Hash-RIPEMD160:     868e087ef8f9024209e73e0fee52d2971513c657
-----BEGIN PGP SIGNATURE-----

Version: BCPG v1.32

iQEcBAEBAgAGBQJPrGEPAAoJEPKfyyzv5FwHGTAIAJeBSIPa9SedxzsdhnnfHI8i
EDgZH/H6qt2JvmLxr9oPnGFc2jb6+45cTjS8c3LsbKMk8eFt0afF+S4D7POiXl9M
fs6sW8TzkAxbEf1qvIO4c0js4iohBY2UnfmfcPH018b3a/PYVYy06qcaMzJq3IP8
O09msBgT/LyXNw37fuf3eaXTbUVYJxcYvPYKydE8IZ4W1IHVH0coMWKcCg6AT6SY
mcxwxgichIi1HQr82bM1MpSsWKE3v+hao1dvRORTpbjM+FQR6tgQ8baYL2uAkHBK
6RGs/JDVmcqhtx5u67tDq4oHEpxoMOk2EGZ9puJMetdaI4Z2tNRK0oUedBSDvRM=
=ZkFP
-----END PGP SIGNATURE-----

So theoretically, that should be able to prove that I controlled 1NgLdhjHfLbcVawMk4DNEv8yf9ZzzNJV6U prior to 00:45:03 GMT 5/11/2012, as per the time stamping service.

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Maged
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May 11, 2012, 05:02:12 PM
 #3

As a reminder, you don't have to use a "trusted" timestamp server. Instead, you could totally just use the single most powerful, decentralized, and provably unchangeable timestamp system on the planet. Given the name of this forum, I shouldn't have to tell you what that is...  Tongue

rjk
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1ngldh


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May 11, 2012, 05:03:56 PM
 #4

As a reminder, you don't have to use a "trusted" timestamp server. Instead, you could totally just use the single most powerful, decentralized, and provably unchangeable timestamp system on the planet. Given the name of this forum, I shouldn't have to tell you what that is...  Tongue
Heh, I should have thought of that. I guess the final bit of the puzzle is how to make it very easy.

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goblin
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May 11, 2012, 05:12:18 PM
 #5

For timestamping, check out chronobit: https://github.com/goblin/chronobit

It's still quite immature and probably needs an update after the recent change to p2pool, but it shows the point and implements it.
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May 11, 2012, 05:13:04 PM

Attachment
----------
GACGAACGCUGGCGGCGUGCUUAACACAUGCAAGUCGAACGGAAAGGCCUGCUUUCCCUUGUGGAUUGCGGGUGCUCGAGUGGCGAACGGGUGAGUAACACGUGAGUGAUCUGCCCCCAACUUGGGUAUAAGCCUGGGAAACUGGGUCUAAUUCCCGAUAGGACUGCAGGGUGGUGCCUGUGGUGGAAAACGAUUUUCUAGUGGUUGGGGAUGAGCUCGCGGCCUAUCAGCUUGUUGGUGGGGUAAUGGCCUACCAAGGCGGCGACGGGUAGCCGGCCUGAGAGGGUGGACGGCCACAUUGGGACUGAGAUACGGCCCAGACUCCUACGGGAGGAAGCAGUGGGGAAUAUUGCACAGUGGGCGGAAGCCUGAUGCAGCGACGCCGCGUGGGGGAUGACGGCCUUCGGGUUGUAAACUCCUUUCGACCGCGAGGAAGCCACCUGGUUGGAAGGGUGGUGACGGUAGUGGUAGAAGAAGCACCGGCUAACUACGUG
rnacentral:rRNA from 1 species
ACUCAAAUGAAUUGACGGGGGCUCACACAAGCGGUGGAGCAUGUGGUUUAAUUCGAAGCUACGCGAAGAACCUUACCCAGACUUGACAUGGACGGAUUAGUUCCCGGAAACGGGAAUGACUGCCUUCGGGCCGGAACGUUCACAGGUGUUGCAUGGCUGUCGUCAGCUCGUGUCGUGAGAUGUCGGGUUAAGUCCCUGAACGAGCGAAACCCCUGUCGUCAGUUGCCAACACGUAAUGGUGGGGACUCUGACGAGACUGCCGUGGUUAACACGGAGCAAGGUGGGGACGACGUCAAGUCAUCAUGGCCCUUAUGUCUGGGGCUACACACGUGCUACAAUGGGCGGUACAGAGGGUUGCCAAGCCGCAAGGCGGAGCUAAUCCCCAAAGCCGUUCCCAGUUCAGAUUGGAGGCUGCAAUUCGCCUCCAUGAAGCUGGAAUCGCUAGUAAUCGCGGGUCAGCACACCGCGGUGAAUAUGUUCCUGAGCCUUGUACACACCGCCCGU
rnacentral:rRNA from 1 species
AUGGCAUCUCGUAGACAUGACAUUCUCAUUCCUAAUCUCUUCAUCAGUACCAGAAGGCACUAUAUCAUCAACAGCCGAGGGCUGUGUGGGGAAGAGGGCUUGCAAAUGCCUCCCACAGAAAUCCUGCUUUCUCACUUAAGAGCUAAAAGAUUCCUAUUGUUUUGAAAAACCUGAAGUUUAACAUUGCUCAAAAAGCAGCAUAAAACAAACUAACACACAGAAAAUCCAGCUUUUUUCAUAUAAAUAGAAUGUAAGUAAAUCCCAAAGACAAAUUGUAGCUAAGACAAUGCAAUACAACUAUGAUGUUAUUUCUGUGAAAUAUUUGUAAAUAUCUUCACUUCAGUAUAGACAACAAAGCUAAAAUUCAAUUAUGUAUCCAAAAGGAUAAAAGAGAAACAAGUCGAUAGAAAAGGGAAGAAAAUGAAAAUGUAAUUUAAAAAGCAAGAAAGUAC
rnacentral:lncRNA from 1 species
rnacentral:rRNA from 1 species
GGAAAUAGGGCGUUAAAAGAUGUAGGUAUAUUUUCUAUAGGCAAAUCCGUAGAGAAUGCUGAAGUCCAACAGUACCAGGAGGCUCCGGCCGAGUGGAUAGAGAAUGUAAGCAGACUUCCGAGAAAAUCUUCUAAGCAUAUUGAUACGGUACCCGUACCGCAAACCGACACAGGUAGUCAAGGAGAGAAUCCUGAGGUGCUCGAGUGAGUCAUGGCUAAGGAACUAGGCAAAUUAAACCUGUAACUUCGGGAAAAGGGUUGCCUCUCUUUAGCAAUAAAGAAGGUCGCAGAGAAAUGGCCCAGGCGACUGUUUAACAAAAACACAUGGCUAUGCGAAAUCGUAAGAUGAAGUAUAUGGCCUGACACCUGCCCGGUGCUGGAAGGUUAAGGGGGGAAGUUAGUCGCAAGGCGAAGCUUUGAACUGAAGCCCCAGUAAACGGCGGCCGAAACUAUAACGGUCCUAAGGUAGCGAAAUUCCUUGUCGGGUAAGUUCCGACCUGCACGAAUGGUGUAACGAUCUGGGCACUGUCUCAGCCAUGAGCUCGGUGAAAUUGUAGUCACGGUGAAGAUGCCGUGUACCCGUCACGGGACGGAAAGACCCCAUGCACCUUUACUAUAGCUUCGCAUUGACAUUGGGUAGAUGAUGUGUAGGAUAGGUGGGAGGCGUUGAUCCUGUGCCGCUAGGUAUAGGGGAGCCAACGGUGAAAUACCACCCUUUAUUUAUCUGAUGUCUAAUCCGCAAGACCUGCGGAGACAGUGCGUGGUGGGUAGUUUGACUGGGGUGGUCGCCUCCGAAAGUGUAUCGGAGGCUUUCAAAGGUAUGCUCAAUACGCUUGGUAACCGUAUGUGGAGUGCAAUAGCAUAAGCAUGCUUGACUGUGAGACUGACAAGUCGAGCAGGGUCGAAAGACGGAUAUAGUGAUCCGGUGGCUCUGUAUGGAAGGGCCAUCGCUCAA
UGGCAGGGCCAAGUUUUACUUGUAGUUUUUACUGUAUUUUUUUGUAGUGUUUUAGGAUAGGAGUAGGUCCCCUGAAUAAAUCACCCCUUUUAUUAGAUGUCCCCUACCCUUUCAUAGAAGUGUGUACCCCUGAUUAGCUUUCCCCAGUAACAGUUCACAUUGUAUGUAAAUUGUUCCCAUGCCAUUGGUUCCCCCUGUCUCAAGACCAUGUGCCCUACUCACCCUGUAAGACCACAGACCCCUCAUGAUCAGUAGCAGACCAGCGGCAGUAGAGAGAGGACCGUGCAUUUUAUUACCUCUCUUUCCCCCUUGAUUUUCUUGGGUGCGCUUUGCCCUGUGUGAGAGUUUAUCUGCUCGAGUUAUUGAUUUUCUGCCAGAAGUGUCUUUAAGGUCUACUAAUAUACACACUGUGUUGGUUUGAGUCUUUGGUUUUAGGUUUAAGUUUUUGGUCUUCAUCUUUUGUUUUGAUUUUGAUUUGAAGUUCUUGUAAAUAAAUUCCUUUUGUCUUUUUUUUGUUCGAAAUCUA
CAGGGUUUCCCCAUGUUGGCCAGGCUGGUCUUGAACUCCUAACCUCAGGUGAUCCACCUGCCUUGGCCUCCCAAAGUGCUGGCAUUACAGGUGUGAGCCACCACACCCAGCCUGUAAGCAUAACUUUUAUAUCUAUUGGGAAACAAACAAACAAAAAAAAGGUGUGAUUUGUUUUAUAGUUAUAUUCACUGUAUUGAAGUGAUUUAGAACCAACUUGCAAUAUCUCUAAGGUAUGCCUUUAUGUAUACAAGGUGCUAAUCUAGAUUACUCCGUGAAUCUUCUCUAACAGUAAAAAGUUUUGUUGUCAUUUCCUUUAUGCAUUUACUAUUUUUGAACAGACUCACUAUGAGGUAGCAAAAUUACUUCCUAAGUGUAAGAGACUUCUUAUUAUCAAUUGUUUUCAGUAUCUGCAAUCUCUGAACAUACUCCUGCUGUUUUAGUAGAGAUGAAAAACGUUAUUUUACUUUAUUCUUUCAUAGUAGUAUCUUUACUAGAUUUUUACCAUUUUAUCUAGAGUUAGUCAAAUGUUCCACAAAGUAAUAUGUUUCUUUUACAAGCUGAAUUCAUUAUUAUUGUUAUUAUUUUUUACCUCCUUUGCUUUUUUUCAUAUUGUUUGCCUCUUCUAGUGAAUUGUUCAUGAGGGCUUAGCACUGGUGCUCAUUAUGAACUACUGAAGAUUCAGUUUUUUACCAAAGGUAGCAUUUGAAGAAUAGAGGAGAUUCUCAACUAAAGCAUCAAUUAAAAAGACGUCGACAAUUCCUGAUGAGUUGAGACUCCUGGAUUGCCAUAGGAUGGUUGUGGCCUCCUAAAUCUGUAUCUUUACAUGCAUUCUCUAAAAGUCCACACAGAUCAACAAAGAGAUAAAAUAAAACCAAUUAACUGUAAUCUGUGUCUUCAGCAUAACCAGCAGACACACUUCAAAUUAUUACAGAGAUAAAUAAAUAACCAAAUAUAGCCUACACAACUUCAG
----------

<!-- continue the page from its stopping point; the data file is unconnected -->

#6

However, what makes you assume that if someone loses a private key from a wallet, they won't also lose the private key used for signing the private keys from a wallet?
rjk
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1ngldh


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May 11, 2012, 05:14:18 PM
 #7

However, what makes you assume that if someone loses a private key from a wallet, they won't also lose the private key used for signing the private keys from a wallet?
Those keys are the same thing. But what this does is make it so that you can prove that you had control of that key first, otherwise the hacker could claim that he did, and there would be no proof in either direction.

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nybble41
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May 11, 2012, 05:16:12 PM
 #8

How do you intend to prove that you didn't deliberately give someone the private key? Private keys have become a form of payment in their own right; for example, you can provide one to MtGox to fund your account. A key isn't necessarily "stolen" just because you had it first, and now someone else also has it.

So far as the bitcoin system is concerned, possession of the private key is ownership. The damage is in the unauthorized access to your computer, and for that you need to show that the key was copied without your consent.
rjk
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May 11, 2012, 05:18:12 PM
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How do you intend to prove that you didn't deliberately give someone the private key? Private keys have become a form of payment in their own right; for example, you can provide one to MtGox to fund your account. A key isn't necessarily "stolen" just because you had it first, and now someone else also has it.

So far as the bitcoin system is concerned, possession of the private key is ownership. The damage is in the unauthorized access to your computer, and for that you need to show that the key was copied without your consent.
That is where the RSA/PGP/GPG/etc key comes in. If you for some reason wanted to give a private key to someone (why?) you could create a message with your signing key to say that it was authorized.

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etotheipi
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May 11, 2012, 05:19:41 PM
 #10

Why do you need to use the non-Bitcoin key for anything?

Why not just sign a message declaring your name, email, etc, using your Bitcoin private key, then hash160 that msg+signature, and send 0.0001 BTC to it using the blockchain as a timestamp server?  The inclusion into a block is all that is needed for timestamping, and it still can't be produced by anyone except for the owner of the Bitcoin address.

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rjk
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May 11, 2012, 05:22:05 PM
 #11

Why do you need to use the non-Bitcoin key for anything?

Why not just sign a message declaring your name, email, etc, using your Bitcoin private key, then hash160 that msg+signature, and send 0.0001 BTC to it using the blockchain as a timestamp server?  The inclusion into a block is all that is needed for timestamping, and it still can't be produced by anyone except for the owner of the Bitcoin address.